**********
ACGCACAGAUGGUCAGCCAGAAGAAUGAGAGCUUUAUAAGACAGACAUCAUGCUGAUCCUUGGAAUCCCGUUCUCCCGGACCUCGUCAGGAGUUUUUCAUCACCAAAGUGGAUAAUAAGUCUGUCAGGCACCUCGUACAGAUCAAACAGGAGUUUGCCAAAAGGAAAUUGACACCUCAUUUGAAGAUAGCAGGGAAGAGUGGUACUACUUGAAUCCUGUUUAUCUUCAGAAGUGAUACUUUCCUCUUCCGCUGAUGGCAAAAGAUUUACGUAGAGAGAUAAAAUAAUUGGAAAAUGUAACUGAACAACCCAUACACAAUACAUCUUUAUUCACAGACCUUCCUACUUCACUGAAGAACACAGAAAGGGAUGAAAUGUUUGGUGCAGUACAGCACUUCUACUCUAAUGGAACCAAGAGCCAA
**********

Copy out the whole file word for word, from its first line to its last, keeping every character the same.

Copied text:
ACGCACAGAUGGUCAGCCAGAAGAAUGAGAGCUUUAUAAGACAGACAUCAUGCUGAUCCUUGGAAUCCCGUUCUCCCGGACCUCGUCAGGAGUUUUUCAUCACCAAAGUGGAUAAUAAGUCUGUCAGGCACCUCGUACAGAUCAAACAGGAGUUUGCCAAAAGGAAAUUGACACCUCAUUUGAAGAUAGCAGGGAAGAGUGGUACUACUUGAAUCCUGUUUAUCUUCAGAAGUGAUACUUUCCUCUUCCGCUGAUGGCAAAAGAUUUACGUAGAGAGAUAAAAUAAUUGGAAAAUGUAACUGAACAACCCAUACACAAUACAUCUUUAUUCACAGACCUUCCUACUUCACUGAAGAACACAGAAAGGGAUGAAAUGUUUGGUGCAGUACAGCACUUCUACUCUAAUGGAACCAAGAGCCAA